The Ones Who Walk Away From A Short Story By Ursula K. Le Guin

1097 Words Nov 21st, 2014 null Page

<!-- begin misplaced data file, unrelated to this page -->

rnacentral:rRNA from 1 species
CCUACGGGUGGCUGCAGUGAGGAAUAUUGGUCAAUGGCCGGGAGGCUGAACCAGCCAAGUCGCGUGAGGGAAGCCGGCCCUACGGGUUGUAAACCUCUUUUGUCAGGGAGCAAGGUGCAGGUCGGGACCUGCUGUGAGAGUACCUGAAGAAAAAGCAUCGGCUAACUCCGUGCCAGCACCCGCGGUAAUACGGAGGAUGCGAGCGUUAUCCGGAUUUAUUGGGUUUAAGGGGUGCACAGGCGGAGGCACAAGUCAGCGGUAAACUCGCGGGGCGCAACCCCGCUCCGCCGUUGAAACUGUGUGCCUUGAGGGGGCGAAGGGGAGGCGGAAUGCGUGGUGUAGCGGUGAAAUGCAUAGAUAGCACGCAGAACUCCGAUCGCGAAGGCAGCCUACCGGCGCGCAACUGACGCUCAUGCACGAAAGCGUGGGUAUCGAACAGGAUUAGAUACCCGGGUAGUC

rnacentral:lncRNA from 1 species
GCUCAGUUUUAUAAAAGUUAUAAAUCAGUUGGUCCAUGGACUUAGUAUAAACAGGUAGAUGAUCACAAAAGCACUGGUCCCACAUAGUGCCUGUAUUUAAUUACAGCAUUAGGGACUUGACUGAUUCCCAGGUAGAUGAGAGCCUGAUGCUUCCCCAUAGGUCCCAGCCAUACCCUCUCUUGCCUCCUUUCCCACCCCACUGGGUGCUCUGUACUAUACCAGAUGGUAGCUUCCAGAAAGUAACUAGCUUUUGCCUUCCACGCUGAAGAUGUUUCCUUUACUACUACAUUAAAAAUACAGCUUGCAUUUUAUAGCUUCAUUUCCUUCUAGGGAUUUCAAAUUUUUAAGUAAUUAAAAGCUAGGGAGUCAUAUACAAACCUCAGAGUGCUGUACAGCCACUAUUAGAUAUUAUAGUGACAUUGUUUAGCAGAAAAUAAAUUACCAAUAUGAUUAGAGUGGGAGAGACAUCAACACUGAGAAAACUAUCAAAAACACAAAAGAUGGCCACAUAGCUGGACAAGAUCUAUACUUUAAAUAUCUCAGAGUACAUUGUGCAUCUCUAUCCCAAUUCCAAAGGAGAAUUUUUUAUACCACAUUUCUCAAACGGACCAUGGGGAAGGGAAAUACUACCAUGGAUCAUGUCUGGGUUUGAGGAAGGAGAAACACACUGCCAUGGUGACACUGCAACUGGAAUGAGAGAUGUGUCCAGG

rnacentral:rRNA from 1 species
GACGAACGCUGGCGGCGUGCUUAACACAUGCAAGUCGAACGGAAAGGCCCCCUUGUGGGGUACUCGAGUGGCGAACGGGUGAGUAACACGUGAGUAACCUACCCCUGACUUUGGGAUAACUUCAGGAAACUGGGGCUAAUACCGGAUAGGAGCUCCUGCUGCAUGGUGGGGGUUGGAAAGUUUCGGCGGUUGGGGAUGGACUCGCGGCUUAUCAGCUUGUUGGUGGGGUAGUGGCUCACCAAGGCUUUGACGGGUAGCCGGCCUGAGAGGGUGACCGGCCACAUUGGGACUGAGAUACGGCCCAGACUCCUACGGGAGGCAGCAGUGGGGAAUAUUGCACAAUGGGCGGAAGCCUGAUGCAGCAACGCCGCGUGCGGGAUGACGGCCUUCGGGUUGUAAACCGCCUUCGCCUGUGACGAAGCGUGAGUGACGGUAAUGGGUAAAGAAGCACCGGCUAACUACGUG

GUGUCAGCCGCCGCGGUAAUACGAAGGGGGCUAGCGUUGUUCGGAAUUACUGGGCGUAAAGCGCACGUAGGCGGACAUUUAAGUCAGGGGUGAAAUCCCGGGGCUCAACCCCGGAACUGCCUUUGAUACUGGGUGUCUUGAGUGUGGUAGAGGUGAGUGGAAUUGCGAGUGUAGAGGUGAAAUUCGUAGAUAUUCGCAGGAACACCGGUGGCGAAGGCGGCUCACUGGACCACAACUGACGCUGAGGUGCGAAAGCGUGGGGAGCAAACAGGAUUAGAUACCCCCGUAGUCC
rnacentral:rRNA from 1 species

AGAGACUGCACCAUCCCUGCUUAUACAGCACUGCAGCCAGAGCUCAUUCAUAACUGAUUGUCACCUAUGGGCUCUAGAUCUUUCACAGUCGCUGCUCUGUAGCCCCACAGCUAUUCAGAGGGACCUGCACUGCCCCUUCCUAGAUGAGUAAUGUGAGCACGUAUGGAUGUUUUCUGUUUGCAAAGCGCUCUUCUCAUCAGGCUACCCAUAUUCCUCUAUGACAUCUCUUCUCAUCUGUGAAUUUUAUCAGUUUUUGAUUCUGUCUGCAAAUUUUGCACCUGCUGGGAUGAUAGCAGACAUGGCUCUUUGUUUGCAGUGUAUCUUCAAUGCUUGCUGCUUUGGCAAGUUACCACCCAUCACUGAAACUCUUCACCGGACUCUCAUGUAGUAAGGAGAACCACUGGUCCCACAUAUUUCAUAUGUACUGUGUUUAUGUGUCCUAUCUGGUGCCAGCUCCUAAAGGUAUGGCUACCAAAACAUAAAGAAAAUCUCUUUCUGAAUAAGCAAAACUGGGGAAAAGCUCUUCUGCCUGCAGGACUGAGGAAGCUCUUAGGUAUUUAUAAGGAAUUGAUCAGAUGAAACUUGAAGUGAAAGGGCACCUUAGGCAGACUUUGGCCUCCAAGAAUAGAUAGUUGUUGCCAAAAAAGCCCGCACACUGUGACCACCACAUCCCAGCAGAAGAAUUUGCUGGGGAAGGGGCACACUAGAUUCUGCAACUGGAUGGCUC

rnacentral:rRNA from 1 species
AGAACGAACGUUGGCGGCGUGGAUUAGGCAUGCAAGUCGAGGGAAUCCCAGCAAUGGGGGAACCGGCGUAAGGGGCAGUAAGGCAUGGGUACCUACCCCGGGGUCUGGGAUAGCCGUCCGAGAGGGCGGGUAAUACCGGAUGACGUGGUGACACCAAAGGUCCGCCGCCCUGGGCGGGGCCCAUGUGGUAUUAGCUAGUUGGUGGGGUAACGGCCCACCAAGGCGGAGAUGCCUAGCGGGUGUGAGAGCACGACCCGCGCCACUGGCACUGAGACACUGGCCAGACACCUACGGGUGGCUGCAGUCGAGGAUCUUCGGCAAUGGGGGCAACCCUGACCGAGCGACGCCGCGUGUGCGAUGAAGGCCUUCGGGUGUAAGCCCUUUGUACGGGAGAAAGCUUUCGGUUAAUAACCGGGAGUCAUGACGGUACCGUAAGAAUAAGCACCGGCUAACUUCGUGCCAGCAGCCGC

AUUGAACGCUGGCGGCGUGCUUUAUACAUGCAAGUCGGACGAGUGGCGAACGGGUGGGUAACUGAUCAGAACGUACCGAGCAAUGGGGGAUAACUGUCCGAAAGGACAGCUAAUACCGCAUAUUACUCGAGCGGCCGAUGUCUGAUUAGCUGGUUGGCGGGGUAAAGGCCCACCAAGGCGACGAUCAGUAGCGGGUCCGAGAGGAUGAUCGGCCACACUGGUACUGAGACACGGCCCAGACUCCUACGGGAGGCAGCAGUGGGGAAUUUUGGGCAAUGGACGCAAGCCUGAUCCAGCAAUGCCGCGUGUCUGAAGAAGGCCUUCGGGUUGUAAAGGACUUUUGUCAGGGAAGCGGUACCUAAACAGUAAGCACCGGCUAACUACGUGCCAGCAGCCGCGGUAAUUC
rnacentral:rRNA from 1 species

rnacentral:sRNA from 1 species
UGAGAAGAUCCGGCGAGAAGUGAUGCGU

“The Ones Who Walk Away from Omelas” is a short story by Ursula K. Le Guin. It was published in 1976 and is set in an ambiguous time period and location in a utopia called Omelas. This story discusses the idea of whether or not it is acceptable to destroy a small amount of people’s happiness for the good of the majority. The ethical theory behind this notion is utilitarianism: “that conduct should be directed toward promoting the greatest happiness of the greatest number of persons” (“Utilitarianism”). Throughout the text, Le Guin provides evidence that forcing a person to suffer so that everyone else is happy is wrong and, in the case of Omelas, should stop. The short story is divided into three parts: the setting, an explanation, and effects. The setting is the largest portion of the text and speaks of how happy everyone in the town is: “Joyous! How is one to tell joy? How describe the simple citizens of Omelas? They were not simple folk, you see, though they were happy. All smiles have become archaic” (Le Guin 404). At the mention of the word “archaic”, the reader may wonder what purpose such an adjective serves. Why would an author use a term synonymous with old to describe joy, which is usually associated with life? Its purpose could be to foreshadow the sinister event that these smiles are derived from. Towards the end of the text, the narrator questions whether or not the reader can believe that this is a true place. Le Guin then reveals the sinister secret to…

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